Figure 2: Graphical comparison of the trends of CPI (blue), Inflation % [4] (green), and minimum hourly wage [5] (red)

As visible in the graph, the three indicators tend to follow the same general trend of a slow incline. However, CPI actually does increase visibly over time. Whether this is due to wage increases or other factors is a different matter, but it is clear that there is perhaps some basis for the concerns people have about minimum wages. However, there is evidence that the large increase in minimum wage that residents of Washington state, USA were awarded did not actually impact the prices of the food items that had their prices tracked [6].

Now that the pretty graphs are out of the way, it’s time to confront the ethics of the matter. While putting a more liveable wage in place for low-income workers may have a potential adverse effect on some elements of the economy, does the effect on prices outweigh the benefits that workers will receive? Raising wages cannot combat poverty entirely, as there are those affected who cannot or do not work, but it is a start for ensuring more equity in society, and a better standard of living, which reflects well on a country. The outraged reactions that are provoked when the matter of raising wages is brought up, and the victimisation of other professions and small businesses that tends to be done, implies that the issue may be with the way modern economies and businesses have relied on operating for so long.

Like it or not, anyone who is willing to work full time as any sort of employee should be able to confidently afford a stable roof over their head. Can an economy really claim to be successful if so many of its constituents are an unexpected expense away from poverty? Addressing the suitability of a region’s minimum wage legislation is one way to move towards a higher standard of living and economic justice.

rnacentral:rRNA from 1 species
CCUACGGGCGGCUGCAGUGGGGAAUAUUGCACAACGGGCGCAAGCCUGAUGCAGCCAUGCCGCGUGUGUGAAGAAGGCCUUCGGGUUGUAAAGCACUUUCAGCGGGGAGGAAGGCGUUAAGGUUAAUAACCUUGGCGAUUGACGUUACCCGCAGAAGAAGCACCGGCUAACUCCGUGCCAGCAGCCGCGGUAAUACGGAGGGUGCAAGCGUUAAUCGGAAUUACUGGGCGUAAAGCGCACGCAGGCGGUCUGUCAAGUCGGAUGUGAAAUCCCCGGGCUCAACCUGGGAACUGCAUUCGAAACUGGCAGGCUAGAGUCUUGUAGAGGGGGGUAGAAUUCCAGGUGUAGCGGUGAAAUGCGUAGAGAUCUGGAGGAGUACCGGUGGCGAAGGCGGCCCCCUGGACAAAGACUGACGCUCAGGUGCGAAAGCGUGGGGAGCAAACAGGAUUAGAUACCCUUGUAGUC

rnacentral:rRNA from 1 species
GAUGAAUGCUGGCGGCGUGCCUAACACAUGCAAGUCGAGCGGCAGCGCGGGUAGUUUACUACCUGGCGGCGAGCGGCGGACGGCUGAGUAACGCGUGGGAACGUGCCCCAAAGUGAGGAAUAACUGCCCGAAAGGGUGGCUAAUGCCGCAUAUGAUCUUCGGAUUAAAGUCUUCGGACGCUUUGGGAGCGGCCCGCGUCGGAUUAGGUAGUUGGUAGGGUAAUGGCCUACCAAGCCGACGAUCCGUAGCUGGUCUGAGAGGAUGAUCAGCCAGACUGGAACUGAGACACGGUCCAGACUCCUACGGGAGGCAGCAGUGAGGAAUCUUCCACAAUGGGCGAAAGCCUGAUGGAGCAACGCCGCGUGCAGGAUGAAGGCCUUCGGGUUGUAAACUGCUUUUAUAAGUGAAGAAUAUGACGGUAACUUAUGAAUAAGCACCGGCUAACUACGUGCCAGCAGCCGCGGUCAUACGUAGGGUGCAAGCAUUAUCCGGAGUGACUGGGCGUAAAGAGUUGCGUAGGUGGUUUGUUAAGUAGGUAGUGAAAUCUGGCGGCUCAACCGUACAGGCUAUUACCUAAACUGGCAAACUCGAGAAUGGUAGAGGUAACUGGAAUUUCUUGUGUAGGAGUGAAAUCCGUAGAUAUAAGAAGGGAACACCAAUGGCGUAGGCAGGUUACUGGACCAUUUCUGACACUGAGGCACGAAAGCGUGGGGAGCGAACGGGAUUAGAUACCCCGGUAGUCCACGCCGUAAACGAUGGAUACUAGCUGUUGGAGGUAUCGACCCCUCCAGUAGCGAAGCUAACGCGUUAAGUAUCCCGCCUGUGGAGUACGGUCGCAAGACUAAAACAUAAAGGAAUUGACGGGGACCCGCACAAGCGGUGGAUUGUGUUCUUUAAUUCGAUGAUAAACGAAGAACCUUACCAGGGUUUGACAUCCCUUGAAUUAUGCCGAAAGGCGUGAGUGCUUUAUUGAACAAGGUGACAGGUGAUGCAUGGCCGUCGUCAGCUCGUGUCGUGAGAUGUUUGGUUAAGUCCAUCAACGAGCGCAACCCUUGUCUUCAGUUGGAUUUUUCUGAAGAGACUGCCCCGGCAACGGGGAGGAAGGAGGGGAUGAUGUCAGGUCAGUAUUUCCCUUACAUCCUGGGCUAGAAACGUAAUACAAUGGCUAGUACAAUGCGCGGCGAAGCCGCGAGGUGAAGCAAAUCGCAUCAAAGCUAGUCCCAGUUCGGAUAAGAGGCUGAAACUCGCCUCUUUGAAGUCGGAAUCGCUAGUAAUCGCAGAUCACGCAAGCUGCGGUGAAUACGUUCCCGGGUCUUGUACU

UQES Publications welcomes reader correspondence on our articles. If you wish to reply to points raised, or believe a perspective has been missed, feel free to send respectful responses to publications@uqes.com.au. We will endeavour to publish correspondence in subsequent articles.

References

[1] Fair Work Ombudsman. (2020, June 19). The Commission has announced a 1.75% increase to minimum wages.

[2] Smith, K. A. (2021, February 26). What You Need To Know About The Minimum Wage Debate.

[3] Weir, M. (2019, October 5). 10 alarming facts about teacher pay in the United States.

[4] Reserve Bank of Australia. (2021). Statistical Tables (Consumer Price Inflation – G1 document).

[5] Fair Work Commission. (2020, July 1). National minimum wage orders.

[6] Constant, P. (2021, February 20). How to respond to the 5 most tired, trickle-down arguments against the $15 minimum wage.